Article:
In 2008, the World Bank provided $350 million to construct a 300-megawatt gas turbine power plant in Siddhirganj. In the face of increasing power demand and gas shortages, the government decided to convert the peaking power plant to an energy-efficient 335 megawatt combined cycle power plant. The combined cycle technology will allow the plant to produce higher energy with lower gas consumption. This cleaner technology will show a reduction in carbon emissions.

The new financing will fill the financing gap for constructing the power plant.

“This additional financing will add much-needed new power generation capacity for Bangladesh. This financing will contribute to the World Bank’s current support to the energy sector, raising it to over $1.5 billion,” said Iffath Sharif, Acting World Bank Country Director for Bangladesh.

In addition to financing the construction of the power plant, the project will also help strengthen the institutional capacity of the three implementing agencies: Gas Transmission Company Limited (GTCL), Electricity Generation Company of Bangladesh (EGCB), and Power Grid Company of Bangladesh (PGCB).

The plant is predicted to start commercial operation in 2016.

Kara Buckley

Sources: Energy Live News, FT, IISD, World Bank
Photo: Flickr

Renewable Energy to Light Up Rwanda
East Africa’s first solar power plant in Rwanda has created 350 local jobs and powers more than 15,000 homes. This use of renewable energy means that Rwanda is on track to achieve its goal of providing half of its population with electricity by 2017.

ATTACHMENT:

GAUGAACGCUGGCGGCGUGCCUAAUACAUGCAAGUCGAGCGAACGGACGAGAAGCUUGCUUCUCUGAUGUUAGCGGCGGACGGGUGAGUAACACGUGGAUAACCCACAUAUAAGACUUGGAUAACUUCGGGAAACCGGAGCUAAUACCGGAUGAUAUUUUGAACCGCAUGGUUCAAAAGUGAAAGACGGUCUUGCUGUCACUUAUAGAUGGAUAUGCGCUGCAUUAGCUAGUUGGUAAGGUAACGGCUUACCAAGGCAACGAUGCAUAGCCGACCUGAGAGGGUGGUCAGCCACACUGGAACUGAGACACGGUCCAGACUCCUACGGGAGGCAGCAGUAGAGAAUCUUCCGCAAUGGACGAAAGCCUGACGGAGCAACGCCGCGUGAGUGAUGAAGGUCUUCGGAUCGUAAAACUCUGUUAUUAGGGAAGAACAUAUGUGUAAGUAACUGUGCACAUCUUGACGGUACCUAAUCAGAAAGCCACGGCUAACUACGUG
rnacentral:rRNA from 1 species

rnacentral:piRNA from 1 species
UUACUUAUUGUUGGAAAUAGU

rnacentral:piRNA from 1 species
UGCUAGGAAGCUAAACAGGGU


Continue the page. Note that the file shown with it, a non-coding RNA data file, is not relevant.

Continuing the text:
The $23.7 million project took only a year to complete. The Rwandan government partnered with Gigawatt Global, Norfund and Scatec Solar; all of whom were aided by the president’s Power Africa initiative.

The 17-hectare solar plant is compromised of 28,360 solar panels which are arranged to mimic the shape of the African continent. The panels are computer controlled and tilt to track the sun throughout the day which improves its efficiency by 20 percent, compared to stationary solar panels.

“The speed with which this project was completed is a tribute to the strength of the Rwandan government’s institutions and their laser-focus on increasing Rwanda’s generation capacity as well as to the nimbleness of our team and partners which spanned eight countries,” Chaim Motzen, managing director and co-founder of Gigawatt Global, said.

The plant is 60 kilometers east of the capital Kigali, on land owned by the Agahozo-Shalom Youth Village (ASYV). The village is home to children who were orphaned before and after Rwanda’s genocide in 1994. The lease provided the village with significant income which was invested in schooling and extracurricular activities.

Gigawatt Global will also be implementing solar energy technology training to students at the Liquidnet High School in ASYV.

Rwanda relies on diesel fuel for electrical power which is expensive and highly polluting. It cripples the country’s economic growth and leaves more than 15 percent of the population without electricity.

The installation of the solar power plant has provided a better renewable energy source that has also increased Rwanda’s electrical capacity by 6 percent. Consequently, economic output, social welfare, employment conditions and standards of living have improved.

“We have plenty of sun. Some living in remote areas where there is no energy. Solar will be the way forward for African countries,” Twaha Twagirimana, the plant supervisor, said.

Marie Helene Ngom

Sources: The Guardian, Cleantechnica, Gigawatt Global
Photo: Flickr

In rural Myanmar today, only 16 percent of households have electricity. The Myanmar government, in partnership with the World Bank, intends to drastically increase the number of connections to reach universal connectivity for rural residents by 2030 through the National Electrification Plan.